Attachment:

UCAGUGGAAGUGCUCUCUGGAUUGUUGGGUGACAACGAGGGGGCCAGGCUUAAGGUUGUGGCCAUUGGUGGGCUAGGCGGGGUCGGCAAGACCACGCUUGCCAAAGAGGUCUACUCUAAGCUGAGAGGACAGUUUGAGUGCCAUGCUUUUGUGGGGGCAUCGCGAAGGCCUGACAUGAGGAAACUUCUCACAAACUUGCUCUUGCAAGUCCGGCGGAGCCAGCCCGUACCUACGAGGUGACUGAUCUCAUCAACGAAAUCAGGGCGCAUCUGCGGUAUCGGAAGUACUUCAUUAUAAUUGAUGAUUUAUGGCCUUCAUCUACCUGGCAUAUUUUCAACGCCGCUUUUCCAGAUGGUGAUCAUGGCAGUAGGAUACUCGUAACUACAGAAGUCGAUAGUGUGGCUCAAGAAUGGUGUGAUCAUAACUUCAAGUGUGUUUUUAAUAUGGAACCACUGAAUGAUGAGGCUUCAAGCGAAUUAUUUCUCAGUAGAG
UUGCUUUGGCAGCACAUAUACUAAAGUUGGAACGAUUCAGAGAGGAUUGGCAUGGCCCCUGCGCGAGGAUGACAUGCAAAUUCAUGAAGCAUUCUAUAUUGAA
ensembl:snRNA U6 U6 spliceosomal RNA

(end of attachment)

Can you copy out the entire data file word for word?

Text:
UCAGUGGAAGUGCUCUCUGGAUUGUUGGGUGACAACGAGGGGGCCAGGCUUAAGGUUGUGGCCAUUGGUGGGCUAGGCGGGGUCGGCAAGACCACGCUUGCCAAAGAGGUCUACUCUAAGCUGAGAGGACAGUUUGAGUGCCAUGCUUUUGUGGGGGCAUCGCGAAGGCCUGACAUGAGGAAACUUCUCACAAACUUGCUCUUGCAAGUCCGGCGGAGCCAGCCCGUACCUACGAGGUGACUGAUCUCAUCAACGAAAUCAGGGCGCAUCUGCGGUAUCGGAAGUACUUCAUUAUAAUUGAUGAUUUAUGGCCUUCAUCUACCUGGCAUAUUUUCAACGCCGCUUUUCCAGAUGGUGAUCAUGGCAGUAGGAUACUCGUAACUACAGAAGUCGAUAGUGUGGCUCAAGAAUGGUGUGAUCAUAACUUCAAGUGUGUUUUUAAUAUGGAACCACUGAAUGAUGAGGCUUCAAGCGAAUUAUUUCUCAGUAGAG
UUGCUUUGGCAGCACAUAUACUAAAGUUGGAACGAUUCAGAGAGGAUUGGCAUGGCCCCUGCGCGAGGAUGACAUGCAAAUUCAUGAAGCAUUCUAUAUUGAA
ensembl:snRNA U6 U6 spliceosomal RNA